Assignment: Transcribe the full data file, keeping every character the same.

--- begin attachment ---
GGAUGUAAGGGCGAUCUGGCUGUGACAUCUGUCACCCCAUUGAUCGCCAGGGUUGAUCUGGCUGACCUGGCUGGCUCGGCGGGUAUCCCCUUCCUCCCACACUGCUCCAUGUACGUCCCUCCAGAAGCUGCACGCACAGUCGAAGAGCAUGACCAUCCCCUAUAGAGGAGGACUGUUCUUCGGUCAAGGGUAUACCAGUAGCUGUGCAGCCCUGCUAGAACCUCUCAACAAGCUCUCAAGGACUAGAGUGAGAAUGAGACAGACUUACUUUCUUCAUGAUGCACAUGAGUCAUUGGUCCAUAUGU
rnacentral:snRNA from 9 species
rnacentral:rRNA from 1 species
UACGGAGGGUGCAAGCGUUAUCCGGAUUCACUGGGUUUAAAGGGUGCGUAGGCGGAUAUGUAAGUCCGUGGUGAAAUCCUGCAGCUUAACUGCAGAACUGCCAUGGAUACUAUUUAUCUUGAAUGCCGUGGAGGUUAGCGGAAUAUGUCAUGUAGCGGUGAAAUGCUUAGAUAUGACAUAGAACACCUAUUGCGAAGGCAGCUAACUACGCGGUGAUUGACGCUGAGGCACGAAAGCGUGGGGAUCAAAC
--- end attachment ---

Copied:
GGAUGUAAGGGCGAUCUGGCUGUGACAUCUGUCACCCCAUUGAUCGCCAGGGUUGAUCUGGCUGACCUGGCUGGCUCGGCGGGUAUCCCCUUCCUCCCACACUGCUCCAUGUACGUCCCUCCAGAAGCUGCACGCACAGUCGAAGAGCAUGACCAUCCCCUAUAGAGGAGGACUGUUCUUCGGUCAAGGGUAUACCAGUAGCUGUGCAGCCCUGCUAGAACCUCUCAACAAGCUCUCAAGGACUAGAGUGAGAAUGAGACAGACUUACUUUCUUCAUGAUGCACAUGAGUCAUUGGUCCAUAUGU
rnacentral:snRNA from 9 species
rnacentral:rRNA from 1 species
UACGGAGGGUGCAAGCGUUAUCCGGAUUCACUGGGUUUAAAGGGUGCGUAGGCGGAUAUGUAAGUCCGUGGUGAAAUCCUGCAGCUUAACUGCAGAACUGCCAUGGAUACUAUUUAUCUUGAAUGCCGUGGAGGUUAGCGGAAUAUGUCAUGUAGCGGUGAAAUGCUUAGAUAUGACAUAGAACACCUAUUGCGAAGGCAGCUAACUACGCGGUGAUUGACGCUGAGGCACGAAAGCGUGGGGAUCAAAC